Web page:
When you walk out of your house, what do you see?
Is it a yard, some trees, and a few kids riding bikes?
Or is it an abandoned house, cracked sidewalks, and trash blowing down the street?
It’s different for every Tennessean, but one thing is the same for all of us: your environment matters.
Where you live and work affects your health — physical and emotional — as well as your safety and economic well-being.
“When we think about ‘our environment,’ often we think about air and water because those are the things we’re familiar with, and those things do matter,” says Dr. Debra Bartelli of the University of Memphis’ School of Public Health. “But the issue is really much bigger than that. There are a lot of factors, from walkability and the built environment to crime and safety, that play a part in environmental health.”
Here are a few of the biggest factors influencing environmental health in Tennessee.
Like many parts of the South, Tennessee is highly dependent on cars. Their emissions, in addition to emissions from diesel trucks and coal-fired power plants, affect our air. According to the American Lung Association’s 2018 “State of the Air” report, many of our urban centers report high ozone days (days when weather conditions + pollution = harmful health effects). The grades for the counties surrounding Tennessee’s biggest cities were:
- Knoxville: C
- Chattanooga: C
- Nashville: D
- Memphis: F
However, the report does give all Tennessee counties that measure high-particulate pollution passing grades, which is an improvement over past years.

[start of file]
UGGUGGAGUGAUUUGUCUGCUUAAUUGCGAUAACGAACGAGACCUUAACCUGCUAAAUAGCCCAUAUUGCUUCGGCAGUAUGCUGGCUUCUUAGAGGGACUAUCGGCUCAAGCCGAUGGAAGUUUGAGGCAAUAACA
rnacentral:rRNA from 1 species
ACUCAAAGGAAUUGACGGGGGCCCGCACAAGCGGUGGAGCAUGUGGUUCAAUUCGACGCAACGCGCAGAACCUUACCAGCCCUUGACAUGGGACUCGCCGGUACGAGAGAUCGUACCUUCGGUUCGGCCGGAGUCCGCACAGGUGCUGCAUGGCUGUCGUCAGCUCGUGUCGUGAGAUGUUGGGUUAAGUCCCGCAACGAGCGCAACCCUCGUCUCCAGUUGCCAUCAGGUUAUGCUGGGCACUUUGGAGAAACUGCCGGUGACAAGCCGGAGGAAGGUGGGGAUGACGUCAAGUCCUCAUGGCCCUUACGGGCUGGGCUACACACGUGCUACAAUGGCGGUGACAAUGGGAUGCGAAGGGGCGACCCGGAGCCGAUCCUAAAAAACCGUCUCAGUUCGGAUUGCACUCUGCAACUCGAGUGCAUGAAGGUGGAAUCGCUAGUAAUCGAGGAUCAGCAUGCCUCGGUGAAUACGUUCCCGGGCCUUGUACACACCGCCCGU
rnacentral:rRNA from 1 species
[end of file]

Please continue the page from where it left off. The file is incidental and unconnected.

The grades for high-particulate pollution by county were:
- Knox County: D
- Hamilton County: B
- Davidson County: B
- Shelby County: B
Counties graded for high-particulate pollution
Map credit: Knox News. Click on counties on the map above to learn more about their high-particulate pollution.
Cities that lack sufficient green space may not allow for proper runoff of stormwater, which contains pesticides, fertilizers and other contaminants that flow into our streams, rivers and lakes.
In Memphis, drinking water is above average in quality because Shelby County draws its water from the Memphis Sand aquifer, which has a natural filtration system that sifts out impurities.
With coal-fired power plants still in operation in Tennessee, pollution is a problem. If coal ash, a highly toxic byproduct of coal production, isn’t properly or effectively stored, it can contaminate groundwater or create toxic waste spills. In 2008, the worst coal-ash spill in American history happened just outside of Knoxville.
Overall, Tennessee’s lakes and rivers vary in terms of pollution. In Memphis, the Mississippi River is polluted from industrial waste and sewage overflows, and the Cumberland River in Nashville and the Tennessee River in Knoxville face similar challenges.
The Tennessee Department of Environment and Conservation (TDEC) has estimated that:
- 30% of Tennessee’s streams are of such poor water quality that they can’t support healthy fish and aquatic wildlife
- Nearly 40% are not fit for human recreation
- Tennesseans pay higher utility bills as a result of pollution because more resources must go towards water treatment
“Cities that have less open space have more problems,” says Dr. Bartelli.
“That open space includes green spaces but also public basketball courts, dog runs, and so on. If you have a city that’s all concrete, you have problems such as heat islands and concerns about where all the stormwater runoff goes. More importantly, where do the people go?”
Any open piece of land that is not covered by buildings and is accessible to the public is considered an open space. These can include:
- Public seating areas
- Vacant lots
- Green spaces